Wake Me When It’s Over

EARLY ON IN these pandemic days of ours, I wrote about how crushingly tired I felt all. the. time.

The hourly fluidity of the situation is terribly draining. And even if you try to consume it in small doses, the relentless torrent of pandemic-related news gives rise to an ever-present nervousness that buzzes quietly in the background. Keeping the buzz at bay requires mental bandwidth, and expending bandwidth seeps energy. I feel exhausted just about all day long.

Then came the summer of 2020, when we were able to get outside and see friends. We gained a greater sense of risk management — of knowing which activities were more dangerous than others. By the end of that year, vaccines were being distributed — an astonishing scientific and public-health feat. Last spring my family and I got our shots, and by early summer, infection numbers were plunging.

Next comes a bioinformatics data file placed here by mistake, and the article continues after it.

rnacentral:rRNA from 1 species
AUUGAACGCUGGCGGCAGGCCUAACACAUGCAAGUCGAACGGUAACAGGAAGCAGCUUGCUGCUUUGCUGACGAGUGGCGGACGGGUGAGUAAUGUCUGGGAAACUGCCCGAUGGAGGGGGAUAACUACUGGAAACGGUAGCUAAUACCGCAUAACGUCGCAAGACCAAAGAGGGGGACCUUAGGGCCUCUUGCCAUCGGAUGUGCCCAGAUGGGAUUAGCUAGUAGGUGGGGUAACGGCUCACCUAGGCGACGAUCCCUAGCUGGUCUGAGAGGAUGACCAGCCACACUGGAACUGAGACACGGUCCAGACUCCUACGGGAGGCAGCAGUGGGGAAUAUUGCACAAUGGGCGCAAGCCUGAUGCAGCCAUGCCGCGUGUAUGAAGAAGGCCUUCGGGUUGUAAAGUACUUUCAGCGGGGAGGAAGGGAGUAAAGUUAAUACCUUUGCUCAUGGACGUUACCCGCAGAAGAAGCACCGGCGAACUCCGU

The delta variant squashed our optimism for a while. Again, though, the caseload eased. The finish line was in sight.

Cue omicron.

Graphs of infection rates show a near-vertical line over the last couple of weeks. Event cancelations are rampant. Like many others, I’m back to fully remote work for now. For the first time, people I know (and care about) have tested positive (despite being fully vaccinated). As in those first several months, I am venturing out only when I absolutely have to.

And the exhaustion has returned. All day long, I am utterly, hopelessly, helplessly consumed by fatigue, both mental and physical. I can’t concentrate or focus. My mood alternates among sadness, fear, and rage.

And I know I’m not alone. Usually that helps me. Now … not so much.

Are we ever going to get this right? | DL

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